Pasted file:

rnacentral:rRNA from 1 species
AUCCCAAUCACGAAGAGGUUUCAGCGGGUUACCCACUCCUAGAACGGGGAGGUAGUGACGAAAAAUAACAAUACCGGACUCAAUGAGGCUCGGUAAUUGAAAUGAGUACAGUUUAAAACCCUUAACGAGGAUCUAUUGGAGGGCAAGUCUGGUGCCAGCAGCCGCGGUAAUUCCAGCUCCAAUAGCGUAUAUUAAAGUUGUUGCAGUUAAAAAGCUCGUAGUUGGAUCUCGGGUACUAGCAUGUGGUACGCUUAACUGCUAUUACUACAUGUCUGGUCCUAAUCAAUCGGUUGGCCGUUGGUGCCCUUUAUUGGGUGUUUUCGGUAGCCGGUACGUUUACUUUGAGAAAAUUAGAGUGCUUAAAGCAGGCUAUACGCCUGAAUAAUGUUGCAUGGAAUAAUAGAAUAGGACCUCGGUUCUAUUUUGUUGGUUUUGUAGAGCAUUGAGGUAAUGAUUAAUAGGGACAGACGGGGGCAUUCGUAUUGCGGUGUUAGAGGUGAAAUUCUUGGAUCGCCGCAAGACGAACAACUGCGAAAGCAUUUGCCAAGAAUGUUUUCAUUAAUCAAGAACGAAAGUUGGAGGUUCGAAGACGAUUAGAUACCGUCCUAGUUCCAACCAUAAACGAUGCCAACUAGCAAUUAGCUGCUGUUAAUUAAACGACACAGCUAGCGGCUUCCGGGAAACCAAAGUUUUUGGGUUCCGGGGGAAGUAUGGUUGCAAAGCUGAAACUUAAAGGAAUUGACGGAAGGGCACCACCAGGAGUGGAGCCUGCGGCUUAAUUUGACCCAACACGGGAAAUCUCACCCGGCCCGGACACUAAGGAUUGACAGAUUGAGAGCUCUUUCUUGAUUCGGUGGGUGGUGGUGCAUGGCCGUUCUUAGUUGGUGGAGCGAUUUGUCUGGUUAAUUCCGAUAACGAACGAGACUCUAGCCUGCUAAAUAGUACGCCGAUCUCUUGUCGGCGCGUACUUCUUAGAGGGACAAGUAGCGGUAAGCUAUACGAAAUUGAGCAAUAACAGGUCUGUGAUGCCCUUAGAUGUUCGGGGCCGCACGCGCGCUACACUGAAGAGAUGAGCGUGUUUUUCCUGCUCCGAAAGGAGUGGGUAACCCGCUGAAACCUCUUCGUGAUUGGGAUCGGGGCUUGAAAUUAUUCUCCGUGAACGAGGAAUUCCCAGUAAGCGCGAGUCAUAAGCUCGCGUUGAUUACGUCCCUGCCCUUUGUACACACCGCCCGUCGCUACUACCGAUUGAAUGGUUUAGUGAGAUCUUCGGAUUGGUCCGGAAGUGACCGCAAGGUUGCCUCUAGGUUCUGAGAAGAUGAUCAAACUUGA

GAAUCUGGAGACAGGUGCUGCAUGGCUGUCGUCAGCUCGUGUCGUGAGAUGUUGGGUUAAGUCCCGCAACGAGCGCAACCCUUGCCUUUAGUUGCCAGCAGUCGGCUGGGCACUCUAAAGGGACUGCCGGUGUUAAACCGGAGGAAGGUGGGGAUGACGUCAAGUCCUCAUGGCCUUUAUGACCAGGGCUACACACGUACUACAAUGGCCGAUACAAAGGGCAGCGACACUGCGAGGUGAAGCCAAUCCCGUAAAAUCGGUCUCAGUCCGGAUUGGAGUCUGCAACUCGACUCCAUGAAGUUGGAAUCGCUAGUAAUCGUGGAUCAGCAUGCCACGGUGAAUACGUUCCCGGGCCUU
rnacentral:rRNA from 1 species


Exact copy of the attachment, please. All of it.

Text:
rnacentral:rRNA from 1 species
AUCCCAAUCACGAAGAGGUUUCAGCGGGUUACCCACUCCUAGAACGGGGAGGUAGUGACGAAAAAUAACAAUACCGGACUCAAUGAGGCUCGGUAAUUGAAAUGAGUACAGUUUAAAACCCUUAACGAGGAUCUAUUGGAGGGCAAGUCUGGUGCCAGCAGCCGCGGUAAUUCCAGCUCCAAUAGCGUAUAUUAAAGUUGUUGCAGUUAAAAAGCUCGUAGUUGGAUCUCGGGUACUAGCAUGUGGUACGCUUAACUGCUAUUACUACAUGUCUGGUCCUAAUCAAUCGGUUGGCCGUUGGUGCCCUUUAUUGGGUGUUUUCGGUAGCCGGUACGUUUACUUUGAGAAAAUUAGAGUGCUUAAAGCAGGCUAUACGCCUGAAUAAUGUUGCAUGGAAUAAUAGAAUAGGACCUCGGUUCUAUUUUGUUGGUUUUGUAGAGCAUUGAGGUAAUGAUUAAUAGGGACAGACGGGGGCAUUCGUAUUGCGGUGUUAGAGGUGAAAUUCUUGGAUCGCCGCAAGACGAACAACUGCGAAAGCAUUUGCCAAGAAUGUUUUCAUUAAUCAAGAACGAAAGUUGGAGGUUCGAAGACGAUUAGAUACCGUCCUAGUUCCAACCAUAAACGAUGCCAACUAGCAAUUAGCUGCUGUUAAUUAAACGACACAGCUAGCGGCUUCCGGGAAACCAAAGUUUUUGGGUUCCGGGGGAAGUAUGGUUGCAAAGCUGAAACUUAAAGGAAUUGACGGAAGGGCACCACCAGGAGUGGAGCCUGCGGCUUAAUUUGACCCAACACGGGAAAUCUCACCCGGCCCGGACACUAAGGAUUGACAGAUUGAGAGCUCUUUCUUGAUUCGGUGGGUGGUGGUGCAUGGCCGUUCUUAGUUGGUGGAGCGAUUUGUCUGGUUAAUUCCGAUAACGAACGAGACUCUAGCCUGCUAAAUAGUACGCCGAUCUCUUGUCGGCGCGUACUUCUUAGAGGGACAAGUAGCGGUAAGCUAUACGAAAUUGAGCAAUAACAGGUCUGUGAUGCCCUUAGAUGUUCGGGGCCGCACGCGCGCUACACUGAAGAGAUGAGCGUGUUUUUCCUGCUCCGAAAGGAGUGGGUAACCCGCUGAAACCUCUUCGUGAUUGGGAUCGGGGCUUGAAAUUAUUCUCCGUGAACGAGGAAUUCCCAGUAAGCGCGAGUCAUAAGCUCGCGUUGAUUACGUCCCUGCCCUUUGUACACACCGCCCGUCGCUACUACCGAUUGAAUGGUUUAGUGAGAUCUUCGGAUUGGUCCGGAAGUGACCGCAAGGUUGCCUCUAGGUUCUGAGAAGAUGAUCAAACUUGA

GAAUCUGGAGACAGGUGCUGCAUGGCUGUCGUCAGCUCGUGUCGUGAGAUGUUGGGUUAAGUCCCGCAACGAGCGCAACCCUUGCCUUUAGUUGCCAGCAGUCGGCUGGGCACUCUAAAGGGACUGCCGGUGUUAAACCGGAGGAAGGUGGGGAUGACGUCAAGUCCUCAUGGCCUUUAUGACCAGGGCUACACACGUACUACAAUGGCCGAUACAAAGGGCAGCGACACUGCGAGGUGAAGCCAAUCCCGUAAAAUCGGUCUCAGUCCGGAUUGGAGUCUGCAACUCGACUCCAUGAAGUUGGAAUCGCUAGUAAUCGUGGAUCAGCAUGCCACGGUGAAUACGUUCCCGGGCCUU
rnacentral:rRNA from 1 species